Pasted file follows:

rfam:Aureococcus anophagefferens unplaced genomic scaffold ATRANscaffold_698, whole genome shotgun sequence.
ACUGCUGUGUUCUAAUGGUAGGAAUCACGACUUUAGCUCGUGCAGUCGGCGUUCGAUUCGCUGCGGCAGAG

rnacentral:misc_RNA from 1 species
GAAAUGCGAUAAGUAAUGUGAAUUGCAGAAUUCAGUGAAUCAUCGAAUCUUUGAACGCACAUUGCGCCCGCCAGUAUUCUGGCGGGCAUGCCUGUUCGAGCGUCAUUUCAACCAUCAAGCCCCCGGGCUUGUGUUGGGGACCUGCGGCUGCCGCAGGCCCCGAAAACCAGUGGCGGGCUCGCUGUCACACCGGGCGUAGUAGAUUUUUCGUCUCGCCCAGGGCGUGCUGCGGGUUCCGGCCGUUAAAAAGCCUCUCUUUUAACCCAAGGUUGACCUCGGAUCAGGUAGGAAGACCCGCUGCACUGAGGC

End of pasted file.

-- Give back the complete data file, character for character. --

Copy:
rfam:Aureococcus anophagefferens unplaced genomic scaffold ATRANscaffold_698, whole genome shotgun sequence.
ACUGCUGUGUUCUAAUGGUAGGAAUCACGACUUUAGCUCGUGCAGUCGGCGUUCGAUUCGCUGCGGCAGAG

rnacentral:misc_RNA from 1 species
GAAAUGCGAUAAGUAAUGUGAAUUGCAGAAUUCAGUGAAUCAUCGAAUCUUUGAACGCACAUUGCGCCCGCCAGUAUUCUGGCGGGCAUGCCUGUUCGAGCGUCAUUUCAACCAUCAAGCCCCCGGGCUUGUGUUGGGGACCUGCGGCUGCCGCAGGCCCCGAAAACCAGUGGCGGGCUCGCUGUCACACCGGGCGUAGUAGAUUUUUCGUCUCGCCCAGGGCGUGCUGCGGGUUCCGGCCGUUAAAAAGCCUCUCUUUUAACCCAAGGUUGACCUCGGAUCAGGUAGGAAGACCCGCUGCACUGAGGC